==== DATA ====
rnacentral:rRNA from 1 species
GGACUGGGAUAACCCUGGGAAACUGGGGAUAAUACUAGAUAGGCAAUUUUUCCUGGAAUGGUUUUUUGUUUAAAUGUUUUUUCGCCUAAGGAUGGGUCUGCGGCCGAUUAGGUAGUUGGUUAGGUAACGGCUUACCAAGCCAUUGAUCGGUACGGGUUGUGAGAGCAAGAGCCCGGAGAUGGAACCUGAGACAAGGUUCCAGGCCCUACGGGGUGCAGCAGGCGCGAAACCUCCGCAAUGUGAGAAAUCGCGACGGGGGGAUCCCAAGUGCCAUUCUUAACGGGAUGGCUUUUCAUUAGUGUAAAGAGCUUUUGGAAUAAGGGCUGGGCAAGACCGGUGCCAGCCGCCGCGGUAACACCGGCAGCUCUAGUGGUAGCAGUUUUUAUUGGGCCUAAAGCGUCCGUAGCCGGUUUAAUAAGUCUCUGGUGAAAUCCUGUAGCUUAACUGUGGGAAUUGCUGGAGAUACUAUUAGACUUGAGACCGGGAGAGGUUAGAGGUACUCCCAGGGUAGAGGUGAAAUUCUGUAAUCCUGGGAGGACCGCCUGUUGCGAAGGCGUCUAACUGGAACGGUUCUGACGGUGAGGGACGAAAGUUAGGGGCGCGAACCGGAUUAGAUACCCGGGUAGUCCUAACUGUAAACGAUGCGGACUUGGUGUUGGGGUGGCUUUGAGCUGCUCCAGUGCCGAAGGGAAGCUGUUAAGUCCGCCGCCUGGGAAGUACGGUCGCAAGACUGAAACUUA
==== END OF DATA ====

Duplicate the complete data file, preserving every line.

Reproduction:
rnacentral:rRNA from 1 species
GGACUGGGAUAACCCUGGGAAACUGGGGAUAAUACUAGAUAGGCAAUUUUUCCUGGAAUGGUUUUUUGUUUAAAUGUUUUUUCGCCUAAGGAUGGGUCUGCGGCCGAUUAGGUAGUUGGUUAGGUAACGGCUUACCAAGCCAUUGAUCGGUACGGGUUGUGAGAGCAAGAGCCCGGAGAUGGAACCUGAGACAAGGUUCCAGGCCCUACGGGGUGCAGCAGGCGCGAAACCUCCGCAAUGUGAGAAAUCGCGACGGGGGGAUCCCAAGUGCCAUUCUUAACGGGAUGGCUUUUCAUUAGUGUAAAGAGCUUUUGGAAUAAGGGCUGGGCAAGACCGGUGCCAGCCGCCGCGGUAACACCGGCAGCUCUAGUGGUAGCAGUUUUUAUUGGGCCUAAAGCGUCCGUAGCCGGUUUAAUAAGUCUCUGGUGAAAUCCUGUAGCUUAACUGUGGGAAUUGCUGGAGAUACUAUUAGACUUGAGACCGGGAGAGGUUAGAGGUACUCCCAGGGUAGAGGUGAAAUUCUGUAAUCCUGGGAGGACCGCCUGUUGCGAAGGCGUCUAACUGGAACGGUUCUGACGGUGAGGGACGAAAGUUAGGGGCGCGAACCGGAUUAGAUACCCGGGUAGUCCUAACUGUAAACGAUGCGGACUUGGUGUUGGGGUGGCUUUGAGCUGCUCCAGUGCCGAAGGGAAGCUGUUAAGUCCGCCGCCUGGGAAGUACGGUCGCAAGACUGAAACUUA